Meanwhile, even in the face of all of this evidence to the contrary, the SPDC maintains that in all such rural areas, it, through the Ministry of Education and State-sponsored organizations such as the Myanmar Women’s Affairs Federation (MWAF) is protecting children through education programs and support”.  The SPDC has further maintained that “children in remote areas are provided with mobile schools with the collaboration of the Ministry of Education”.  The SPDC has also claimed that the Ministry of Progress of Border Areas and National Races and Development Affairs had opened 27 “training centres for youth development” and 34 schools of “home science” in Burma’s border regions. [206]  However, where these schools are located and precisely what benefit they provide to the community remains to be seen.


13.9 Right to Health

One of the leading factors affecting children’s access to healthcare in Burma is the trifling budgetary allocation awarded to the healthcare sector.  Even according to official statistics, which are almost always embellished, the SPDC allocates less than 0.5 percent of Burma’s GDP to the healthcare sector. [207]  As with other sectors, the budgetary allocation to the healthcare sector has been but a fraction of the military and defence expenditure.  In the 1998/99 fiscal year, public spending on healthcare was 22.22 percent of public spending on defence for the same period.  While by the 2003/04 fiscal year, public healthcare expenditure had dropped dramatically to only three percent of that allocate to defence.  According to the Burma Economic Review, UNICEF has denounced the dramatic decline” in spending on healthcare since the early 1990’s. [208]  Meanwhile, the UNDP has accused the SPDC of having one of the worst budgetary allocations for healthcare of any country, and certainly the worst for the region. [209]  (For more information, see Chapter 7: Right to Health).

As a result of the continuing SPDC army offensive in northern Karen State, children in Toungoo District face severe challenges to food, health and education.  As can be seen in this photo, taken in December 2007, the child on the left suffers from malnutrition because his family’s food supplies ran low as they were living as IDPs in the forest.  [Photo: KHRG]

Further influencing children’s access to healthcare is that as one of the more vulnerable groups of any given population, children are often feel the effects of the widespread human rights violations being committed in Burma to a greater degree than the adult population.  As such, children are often more sensitive to the effects of these abuse, in particular those which can have an adverse impact on health.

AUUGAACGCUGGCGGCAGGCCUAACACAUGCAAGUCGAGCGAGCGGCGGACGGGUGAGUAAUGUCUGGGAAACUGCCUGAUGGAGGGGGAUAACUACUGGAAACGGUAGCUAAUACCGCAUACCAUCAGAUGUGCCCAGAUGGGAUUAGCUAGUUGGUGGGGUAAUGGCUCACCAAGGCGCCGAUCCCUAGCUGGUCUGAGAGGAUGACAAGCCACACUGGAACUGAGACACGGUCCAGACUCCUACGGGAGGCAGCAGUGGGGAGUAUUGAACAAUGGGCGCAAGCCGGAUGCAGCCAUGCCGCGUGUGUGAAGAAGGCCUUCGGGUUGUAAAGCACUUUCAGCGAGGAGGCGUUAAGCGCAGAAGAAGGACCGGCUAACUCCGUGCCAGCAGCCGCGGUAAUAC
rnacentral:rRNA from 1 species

Despite the claims of the regime that it is adequately providing for the health and well being of population in general, but in particular that of children, Burma’s youth continued to suffer from poor rights and access to healthcare during 2007.  According to UNICEF, who typical use official statistics provided to them by the SPDC, in 2005, the infant (under one year old) mortality rate was reported to stand at 75 per 1,000 live births, and the child (under five years old) mortality rate at 105 per 1,000 live births.  These are shown to be extremely high when compared to neighbouring Bangladesh and Thailand which possess infant mortality rates of 52 and 7, respectively, and child mortality rates of 69 and 8, respectively for every 1,000 live births. [210]

During 2007, children continued to die from easily preventable and readily treatable illnesses such as diarrhoea and influenza.  For example, at the end of March 2007, five persons from Dimawhso Township, Karenni State had died from diarrhoea, two of whom were children. According to a representative of the Karenni Central Social Development Department, "Two persons from Dawnyeaku village, two from Dawtamagyi village and one from Dawsawphya village died".  He added that although approximately 50 people were suffering from the affliction, children were among some of the more susceptible, adding that “Mostly children, especially under 10 years of age, have been afflicted by [diarrhoea].  It causes loose motion at least three to 20 times a day.  The excreta are white in colour and the smell is very bad”. [211]

Similarly, on 10 November 2007, it was reported that many cases of persons suffering with severe bouts of diarrhoea had been recorded in northern Arakan State and that four persons from Maungdaw Township had died, including seven-year-old Robiya. [212]  

Meanwhile, on 30 April 2007, it was reported that seven children from Thanbyuzayat Township, Mon State, had recently died after having contracted influenza.  According to the head doctor in Mudon General Hospital, many other children from Mudon and Kyaik Mayaw Townships under the age of ten had also contracted the disease. [213]